Credit: PantherMedia

(Semi)-circular economy: “We cannot achieve a 100 per cent closed plastic loop”

Monday 23 Sep 19


Thomas Fruergaard Astrup
DTU Environment
+45 45 25 15 58


• For many years, DTU Environment has worked with life cycle assessments of waste and resource management.

• The research has led to one of the world’s most advanced LCA models (LCA: Life Cycle Assessment) for waste and resources.

• The model is called EASETECH, which stands for the Environmental Assessment System for Environmental Technologies.

• Among other things, the model makes it possible to calculate the environmental impact or benefits as well as the socio-economic consequences of recycling a resource like plastic.

• EASETECH can also be used to calculate environmental impacts within bioenergy.

• EASETECH is constantly evolving, and DTU Environment’s research is continually contributing new data that is included in the model. And new algorithms for more advanced modelling are added to EASETECH in collaboration with DTU Compute.

• You can access EASETECH by completing an EASETECH course at DTU Environment.

The challenges of plastic recycling

The quality of plastics is threatened through recycling because of contamination by:

• Mixing of different types of plastics.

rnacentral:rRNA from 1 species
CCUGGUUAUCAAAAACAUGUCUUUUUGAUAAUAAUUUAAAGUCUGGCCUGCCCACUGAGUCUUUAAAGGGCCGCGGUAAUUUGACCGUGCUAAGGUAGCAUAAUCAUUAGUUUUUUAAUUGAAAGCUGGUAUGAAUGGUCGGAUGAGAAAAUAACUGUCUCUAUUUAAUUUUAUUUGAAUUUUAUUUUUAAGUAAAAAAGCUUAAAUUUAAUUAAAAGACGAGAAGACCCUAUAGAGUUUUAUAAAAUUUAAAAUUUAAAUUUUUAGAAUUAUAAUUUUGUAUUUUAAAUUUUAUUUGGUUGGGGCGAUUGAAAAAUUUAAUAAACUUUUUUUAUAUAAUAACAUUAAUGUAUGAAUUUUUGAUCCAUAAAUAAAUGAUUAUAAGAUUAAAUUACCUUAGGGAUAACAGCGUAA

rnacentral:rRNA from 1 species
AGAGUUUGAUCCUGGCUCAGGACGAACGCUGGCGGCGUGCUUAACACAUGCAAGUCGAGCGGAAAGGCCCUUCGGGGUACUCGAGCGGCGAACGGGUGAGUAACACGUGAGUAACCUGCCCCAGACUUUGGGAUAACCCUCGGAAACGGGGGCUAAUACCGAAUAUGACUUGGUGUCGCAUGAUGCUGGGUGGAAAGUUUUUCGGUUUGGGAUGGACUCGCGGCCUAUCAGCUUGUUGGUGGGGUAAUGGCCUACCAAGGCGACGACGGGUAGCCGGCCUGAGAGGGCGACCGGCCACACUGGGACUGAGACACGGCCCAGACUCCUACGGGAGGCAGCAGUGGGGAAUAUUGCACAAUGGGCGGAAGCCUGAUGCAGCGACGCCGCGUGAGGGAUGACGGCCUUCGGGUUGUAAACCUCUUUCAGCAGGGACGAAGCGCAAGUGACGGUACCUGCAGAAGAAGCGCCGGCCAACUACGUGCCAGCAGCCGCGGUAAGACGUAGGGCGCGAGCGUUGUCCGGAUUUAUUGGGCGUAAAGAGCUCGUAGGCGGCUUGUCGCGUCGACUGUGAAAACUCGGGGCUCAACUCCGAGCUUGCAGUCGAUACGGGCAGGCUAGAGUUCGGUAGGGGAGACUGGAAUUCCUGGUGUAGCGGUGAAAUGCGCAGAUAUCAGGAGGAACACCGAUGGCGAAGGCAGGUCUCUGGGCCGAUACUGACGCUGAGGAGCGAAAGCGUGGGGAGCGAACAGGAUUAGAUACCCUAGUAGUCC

• Remnants of the packaging’s original contents.

• The consumer’s use of the packaging (e.g., if you have stored chemicals in a Coca-Cola bottle).

• Other parts of the packaging, such as labels, glue, paper, etc.

• The various additives found in the original plastic products in order to achieve, for example, a certain colour, hardness, or softness.

• Heavy metals – a study conducted by DTU Environment found that recycled plastics contain more heavy metals than newly produced plastics.

Plastic recycling will not cover our need for new plastics. We will have a continued need to produce pure plastics for products such as food, explains a waste and environmental researcher at DTU.

Perhaps you have recently opened a package of minced meat to use in meat balls or a meat sauce by pulling the clear plastic foil off the plastic tray and tipping out the meat.  And maybe you have waste sorting where you live, which is why you have disposed of the packaging with the rest of the plastic waste.

Minced meat packaging is particularly interesting, because it illustrates one of the biggest challenges in achieving a closed plastic loop, namely contamination. Contamination reduces the quality of the recycled plastic. Even if we were perfect at sorting plastic from other waste—the first prerequisite for a closed plastic loop—the plastic packaging can be contaminated in several ways: it may consist of several kinds of plastics, like the minced meat packaging, as well as of other materials, such as the glue that fixes the foil.

In addition, remnants of paper labels (stating weight, price, etc.) will also be included in the plastic fraction, and it is likely that there is also a bit of meat juice left on the packaging.

Quality deteriorates
When plastic waste is processed for recycling, the packaging is rinsed and washed, but remnants of glue, paper labels, and food can be difficult to get rid of. When the plastic is chopped into smaller pieces and melted down, the resulting plastic is then of an inferior quality to that of the original, says Professor Thomas Fruergaard Astrup of DTU Environment.